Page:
Tuesday, August 12, 2008


Josh White of the Washington Post writes about the very short sentence that a military commissions jury handed down in the Hamdan case, that detainee who was apparently Osama’s driver and auto mechanic for a while. (http://www.washingtonpost.com/wp-dyn/content/article/2008/08/09/AR2008080900800.html).

As you may know, the jury of military officers – probably of field-grade rank, with a lot of irreplaceable time and energy invested in their military career – found him guilty but handed him a sentence of five and a half years, which – given his time already incarcerated – means that he will only serve another five and a half months. The ‘judge’, a Navy captain named Allred, allowed the time served to count toward the sentence, and when Hamdan made his final comment that Inshallah (God willing) I shall see my family again soon, the judge piously intoned a benedictory ‘Inshallah’.

Both sides, prosecution and defense, claimed victory. The prosecution because he was found guilty, and the defense because the sentence was so unbelievably lenient.

Commentators have been trying to make sense in such a way that the military justice guys – the JAGs – and their system look good. And in this way, both ‘liberal’ and ‘conservative’ commentation arrive at a similar point: the military justice system works. To which I say: Hooey, phooey and baloney. As reason therefor, see below.

One particular commentary stands out: one Eugene Fidell, former JAG and now the head of a self-invented ‘National Institute of Military Justice’ – and also an adjunct professor of military law at Yale (thank ya vurrry mutch) – distinguishes himself by the particularly crafty way that he shills for the military system while seeming to be unimpressed with this particular episode. The lenient sentence does not surprise him, the article reports, because “the case against Hamdan was not particularly strong”. As if a weak case could ever stop the grinding wheels of military justice.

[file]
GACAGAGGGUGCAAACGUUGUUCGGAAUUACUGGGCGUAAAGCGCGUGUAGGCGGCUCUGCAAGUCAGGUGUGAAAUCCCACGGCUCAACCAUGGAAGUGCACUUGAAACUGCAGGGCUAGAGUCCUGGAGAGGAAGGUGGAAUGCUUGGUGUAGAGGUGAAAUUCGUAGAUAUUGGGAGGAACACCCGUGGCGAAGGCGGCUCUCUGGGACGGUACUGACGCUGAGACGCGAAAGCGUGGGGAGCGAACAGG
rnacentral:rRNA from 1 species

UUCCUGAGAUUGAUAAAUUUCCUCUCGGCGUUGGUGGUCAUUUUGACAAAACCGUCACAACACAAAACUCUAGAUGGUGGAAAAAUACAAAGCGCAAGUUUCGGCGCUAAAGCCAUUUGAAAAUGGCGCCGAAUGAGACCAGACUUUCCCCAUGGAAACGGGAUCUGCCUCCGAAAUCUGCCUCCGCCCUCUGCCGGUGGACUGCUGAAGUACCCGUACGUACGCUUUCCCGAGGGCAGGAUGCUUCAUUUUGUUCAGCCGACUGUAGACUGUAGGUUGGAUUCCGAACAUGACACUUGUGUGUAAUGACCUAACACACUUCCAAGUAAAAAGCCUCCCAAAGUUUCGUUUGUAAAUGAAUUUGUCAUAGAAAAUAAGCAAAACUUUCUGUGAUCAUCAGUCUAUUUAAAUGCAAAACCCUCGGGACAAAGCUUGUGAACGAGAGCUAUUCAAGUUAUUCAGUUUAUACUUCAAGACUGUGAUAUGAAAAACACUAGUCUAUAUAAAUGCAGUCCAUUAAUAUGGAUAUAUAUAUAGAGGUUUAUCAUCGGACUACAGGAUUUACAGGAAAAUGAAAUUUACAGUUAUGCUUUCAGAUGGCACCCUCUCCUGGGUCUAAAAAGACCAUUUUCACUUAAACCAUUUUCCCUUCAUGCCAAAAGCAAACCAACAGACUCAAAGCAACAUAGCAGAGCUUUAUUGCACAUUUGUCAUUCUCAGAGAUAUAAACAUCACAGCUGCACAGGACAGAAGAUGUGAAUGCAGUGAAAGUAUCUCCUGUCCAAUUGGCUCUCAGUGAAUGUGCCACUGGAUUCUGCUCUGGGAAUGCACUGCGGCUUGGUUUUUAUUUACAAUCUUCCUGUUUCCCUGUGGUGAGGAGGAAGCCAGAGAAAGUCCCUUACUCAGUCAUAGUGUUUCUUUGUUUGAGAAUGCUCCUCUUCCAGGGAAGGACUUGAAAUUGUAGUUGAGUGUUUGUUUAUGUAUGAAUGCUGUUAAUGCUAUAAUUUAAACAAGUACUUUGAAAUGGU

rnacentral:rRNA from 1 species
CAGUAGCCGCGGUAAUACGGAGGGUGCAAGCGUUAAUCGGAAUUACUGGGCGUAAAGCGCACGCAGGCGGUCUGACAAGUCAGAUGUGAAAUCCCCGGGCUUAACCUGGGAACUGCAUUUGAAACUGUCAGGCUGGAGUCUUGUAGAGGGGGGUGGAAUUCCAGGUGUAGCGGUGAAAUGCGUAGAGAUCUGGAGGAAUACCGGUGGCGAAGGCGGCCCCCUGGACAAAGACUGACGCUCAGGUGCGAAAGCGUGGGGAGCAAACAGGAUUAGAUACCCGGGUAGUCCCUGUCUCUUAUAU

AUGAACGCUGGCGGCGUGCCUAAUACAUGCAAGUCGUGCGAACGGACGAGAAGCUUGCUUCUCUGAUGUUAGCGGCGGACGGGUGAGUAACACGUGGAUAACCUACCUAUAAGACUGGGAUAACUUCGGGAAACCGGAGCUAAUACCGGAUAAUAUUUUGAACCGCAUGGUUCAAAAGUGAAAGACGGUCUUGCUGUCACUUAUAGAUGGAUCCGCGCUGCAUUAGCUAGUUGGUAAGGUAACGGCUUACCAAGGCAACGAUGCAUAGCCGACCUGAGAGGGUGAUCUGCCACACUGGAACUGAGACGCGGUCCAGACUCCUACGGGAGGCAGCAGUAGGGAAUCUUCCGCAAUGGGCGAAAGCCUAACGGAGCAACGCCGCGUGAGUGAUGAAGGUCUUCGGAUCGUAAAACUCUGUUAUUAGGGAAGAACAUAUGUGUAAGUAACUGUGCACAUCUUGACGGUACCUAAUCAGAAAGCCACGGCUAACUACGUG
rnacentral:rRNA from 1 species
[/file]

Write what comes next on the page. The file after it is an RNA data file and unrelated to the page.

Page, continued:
But further, he opines that the sentence “demonstrates, at the very least [lah dee dah], that you cannot count on a military jury to throw the book at people”. As shrewdly tossed a red herring as one is likely to encounter this side of perdition. Because the Characteristic Inalterable of a military jury is that it will do what it is told. Hence, if the sentence is lenient, then that was precisely what the military wanted to have happen.

And why so lenient? Because in symbolic terms it is the early months of 1945, and with judgment approaching with stern and measured tread, the shrewd professional military folk – especially the lawyers – are desperately trying to distance themselves from what they have done under orders of the now rapidly-outgoing … ummm … government.